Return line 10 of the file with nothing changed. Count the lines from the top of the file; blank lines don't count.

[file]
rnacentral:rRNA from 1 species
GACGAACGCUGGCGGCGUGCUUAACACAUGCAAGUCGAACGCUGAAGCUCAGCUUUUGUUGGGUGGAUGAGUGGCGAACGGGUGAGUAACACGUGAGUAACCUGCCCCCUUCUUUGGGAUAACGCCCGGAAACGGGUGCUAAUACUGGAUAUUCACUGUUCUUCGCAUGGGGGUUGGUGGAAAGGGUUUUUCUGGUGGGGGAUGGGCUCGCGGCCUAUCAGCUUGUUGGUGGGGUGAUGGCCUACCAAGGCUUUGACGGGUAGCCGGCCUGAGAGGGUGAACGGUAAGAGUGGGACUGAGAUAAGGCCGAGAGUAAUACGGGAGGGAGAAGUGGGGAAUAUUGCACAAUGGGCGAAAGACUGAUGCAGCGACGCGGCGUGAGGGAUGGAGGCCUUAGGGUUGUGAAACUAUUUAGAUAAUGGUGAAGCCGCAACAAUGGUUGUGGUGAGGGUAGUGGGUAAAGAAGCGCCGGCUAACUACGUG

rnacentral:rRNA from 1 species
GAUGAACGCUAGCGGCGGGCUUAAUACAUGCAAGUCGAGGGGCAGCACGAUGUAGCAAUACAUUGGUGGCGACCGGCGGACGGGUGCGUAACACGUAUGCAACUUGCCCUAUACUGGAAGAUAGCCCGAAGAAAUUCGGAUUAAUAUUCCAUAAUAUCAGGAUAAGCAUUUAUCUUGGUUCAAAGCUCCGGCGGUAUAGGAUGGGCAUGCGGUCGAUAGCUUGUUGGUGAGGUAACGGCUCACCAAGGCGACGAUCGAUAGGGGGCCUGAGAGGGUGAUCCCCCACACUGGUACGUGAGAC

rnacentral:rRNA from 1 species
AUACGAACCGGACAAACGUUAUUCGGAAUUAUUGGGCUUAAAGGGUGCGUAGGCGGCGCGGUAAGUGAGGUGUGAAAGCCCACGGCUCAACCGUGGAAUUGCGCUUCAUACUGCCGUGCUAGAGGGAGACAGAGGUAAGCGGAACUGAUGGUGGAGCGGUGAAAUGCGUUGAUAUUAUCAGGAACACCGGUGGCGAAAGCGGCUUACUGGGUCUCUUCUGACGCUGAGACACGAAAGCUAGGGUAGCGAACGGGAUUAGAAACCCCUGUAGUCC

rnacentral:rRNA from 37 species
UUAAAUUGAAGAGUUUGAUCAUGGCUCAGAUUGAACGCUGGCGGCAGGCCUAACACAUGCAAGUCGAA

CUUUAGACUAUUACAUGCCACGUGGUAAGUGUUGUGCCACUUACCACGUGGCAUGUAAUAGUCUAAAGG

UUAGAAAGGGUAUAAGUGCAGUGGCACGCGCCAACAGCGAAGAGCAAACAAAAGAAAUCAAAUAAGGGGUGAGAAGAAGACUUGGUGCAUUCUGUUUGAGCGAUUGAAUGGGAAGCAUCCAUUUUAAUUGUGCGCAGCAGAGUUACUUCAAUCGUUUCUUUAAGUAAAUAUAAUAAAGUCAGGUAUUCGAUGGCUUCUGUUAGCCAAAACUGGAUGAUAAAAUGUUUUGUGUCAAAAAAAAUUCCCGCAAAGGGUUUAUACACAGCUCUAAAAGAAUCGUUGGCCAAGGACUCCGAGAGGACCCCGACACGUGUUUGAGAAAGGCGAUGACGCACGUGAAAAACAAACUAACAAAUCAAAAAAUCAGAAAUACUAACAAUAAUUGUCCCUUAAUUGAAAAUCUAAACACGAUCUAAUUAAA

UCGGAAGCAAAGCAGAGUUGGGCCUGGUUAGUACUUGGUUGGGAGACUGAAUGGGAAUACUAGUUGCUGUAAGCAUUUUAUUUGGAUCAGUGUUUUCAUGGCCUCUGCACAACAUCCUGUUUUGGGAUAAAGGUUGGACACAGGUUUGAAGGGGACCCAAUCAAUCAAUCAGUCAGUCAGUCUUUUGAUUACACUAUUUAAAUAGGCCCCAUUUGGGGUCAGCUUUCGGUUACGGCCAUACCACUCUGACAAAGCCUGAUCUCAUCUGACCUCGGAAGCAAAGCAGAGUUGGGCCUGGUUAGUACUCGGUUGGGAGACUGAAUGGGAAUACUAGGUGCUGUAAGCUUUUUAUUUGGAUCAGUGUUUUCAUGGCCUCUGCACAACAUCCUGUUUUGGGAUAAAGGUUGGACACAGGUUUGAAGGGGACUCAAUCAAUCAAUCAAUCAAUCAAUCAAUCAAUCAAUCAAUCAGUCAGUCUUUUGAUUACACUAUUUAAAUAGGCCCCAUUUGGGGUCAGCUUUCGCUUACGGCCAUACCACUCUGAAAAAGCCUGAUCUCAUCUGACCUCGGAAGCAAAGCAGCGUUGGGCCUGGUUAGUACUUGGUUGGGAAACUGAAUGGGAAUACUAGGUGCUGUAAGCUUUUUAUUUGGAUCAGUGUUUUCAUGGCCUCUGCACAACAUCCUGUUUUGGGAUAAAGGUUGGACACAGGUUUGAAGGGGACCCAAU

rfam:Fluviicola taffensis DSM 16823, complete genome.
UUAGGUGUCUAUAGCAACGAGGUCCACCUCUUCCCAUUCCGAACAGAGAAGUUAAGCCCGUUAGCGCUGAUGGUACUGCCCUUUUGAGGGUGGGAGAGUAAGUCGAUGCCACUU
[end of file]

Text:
UUAGAAAGGGUAUAAGUGCAGUGGCACGCGCCAACAGCGAAGAGCAAACAAAAGAAAUCAAAUAAGGGGUGAGAAGAAGACUUGGUGCAUUCUGUUUGAGCGAUUGAAUGGGAAGCAUCCAUUUUAAUUGUGCGCAGCAGAGUUACUUCAAUCGUUUCUUUAAGUAAAUAUAAUAAAGUCAGGUAUUCGAUGGCUUCUGUUAGCCAAAACUGGAUGAUAAAAUGUUUUGUGUCAAAAAAAAUUCCCGCAAAGGGUUUAUACACAGCUCUAAAAGAAUCGUUGGCCAAGGACUCCGAGAGGACCCCGACACGUGUUUGAGAAAGGCGAUGACGCACGUGAAAAACAAACUAACAAAUCAAAAAAUCAGAAAUACUAACAAUAAUUGUCCCUUAAUUGAAAAUCUAAACACGAUCUAAUUAAA